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Alan Plater
Born Alan Plater
15 April 1935 (1935-04-15) (age 74)
Jarrow-on-Tyne, England
Occupation Scriptwriter
Nationality British
Writing period 1962-present
Genres Television
Notable work(s) Oh No, It's Selwyn Froggitt (1974-1977)
The Loner (1975)
Middlemen (1977)
Selwyn (1978)

Alan Frederick Plater, CBE (born 15 April 1935) is an English playwright and screenwriter, who has worked extensively in British television from the 1960s to the 2000s.

Plater was born in Jarrow-on-Tyne, England, although his family moved to Hull when he was a young child. Jarrow was much publicised as a severely economically depressed area before the Second World War, and Plater has commented that returning to the area for holidays was a source of much bemusement for his family and friends. Plater trained as an architect at King's College, Newcastle (later the University of Newcastle), but only practised in the profession briefly, at a junior level. He commented later that it was soon after he had to fend off a herd of pigs from eating his tape measure whilst surveying a field that he left to pursue full-time writing. Plater stayed in the north of England for many years after he became prominent as a writer and lived in Hull.

He first made his mark as a scriptwriter for Z Cars. His subsequent credits include The Stars Look Down (1974), Oh No, It's Selwyn Froggitt!, The Journal of Vasilije Bogdanovic, the musical Close the Coalhouse Door with songwriter Alex Glasgow from the writings of Sid Chaplin, Get Lost! (1981), The Beiderbecke Affair (1985), and its two sequels, Misterioso, Oliver's Travels, a 1980 adaptation of J.B. Priestley's The Good Companions for Yorkshire Television, a film adaptation of George Orwell's Keep the Aspidistra Flying, Belonging and the theatre play Peggy for You, based on the life of Plater's former agent Peggy Ramsay, which was nominated in 2001 for a Laurence Olivier Theatre Award.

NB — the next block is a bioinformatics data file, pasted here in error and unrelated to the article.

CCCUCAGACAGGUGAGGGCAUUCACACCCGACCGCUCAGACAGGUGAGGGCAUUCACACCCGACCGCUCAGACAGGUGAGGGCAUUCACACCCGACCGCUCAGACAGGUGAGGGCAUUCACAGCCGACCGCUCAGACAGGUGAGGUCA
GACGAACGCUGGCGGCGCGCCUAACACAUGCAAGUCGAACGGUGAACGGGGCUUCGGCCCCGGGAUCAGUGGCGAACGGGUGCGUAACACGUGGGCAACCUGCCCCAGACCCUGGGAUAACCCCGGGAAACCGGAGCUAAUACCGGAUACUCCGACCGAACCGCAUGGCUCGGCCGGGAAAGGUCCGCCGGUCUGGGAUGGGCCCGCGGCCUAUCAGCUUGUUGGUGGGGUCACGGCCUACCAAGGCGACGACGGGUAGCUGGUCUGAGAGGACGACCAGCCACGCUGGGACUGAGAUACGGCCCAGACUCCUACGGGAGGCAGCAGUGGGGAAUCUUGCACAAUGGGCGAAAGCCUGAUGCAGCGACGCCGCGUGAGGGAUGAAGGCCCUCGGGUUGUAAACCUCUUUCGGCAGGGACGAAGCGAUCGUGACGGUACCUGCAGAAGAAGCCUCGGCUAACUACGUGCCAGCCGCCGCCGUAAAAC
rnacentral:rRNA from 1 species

He has also contributed to the BBC series Dalziel and Pascoe, and adapted Chris Mullin's novel A Very British Coup (1988) for television. He was the driving force behind the TV version of Flambards, which under his influence was slanted well to the political left of K. M. Peyton's original books. Jazz is a recurring motif through much of Plater's work, often referenced explicitly as well as underpinning his story structures.

Plater was president of the Writers' Guild of Great Britain from September 1991 until April 1995. He has received honorary degrees from the University of Hull and Northumbria University in Newcastle. In the New Year's Honours List published 31 December 2004 he was created a Commander of the Order of the British Empire for services to Drama.

Plater currently lives in London with his wife Shirley Rubinstein. He has three grandchildren living in Yorkshire, and six in Newcastle as well as various others scattered around the UK, 16 in all.

He is a supporter of Hull City AFC. His play Confessions of a City supporter on his lifelong relationship with the club was staged during the first ever run of performances at the new home of the Hull Truck Theatre Company.[1]

References

  1. ^ "Opening act for Hull Truck’s new theatre", Hull Forward website, 11 March 2009

Further reading

  • Plater, Alan (1973). And A Little Love Besides. London: Samuel French. ISBN 0573010250.   (play)
  • Plater, Alan (1987). Misterioso. London: Methuen. ISBN 0413153800.   (novel)
  • Plater, Alan (1991). I Thought I Heard A Rustling. London: Samuel French. ISBN 0573017913.   (play)
  • Plater, Alan (1994). Oliver's Travels. London: Little, Brown and Company. ISBN 0316909343.   (novel)
  • Plater, Alan (2006). Doggin' Around. London: Northway Books. ISBN 978 0955090806.   (memoir)

External links

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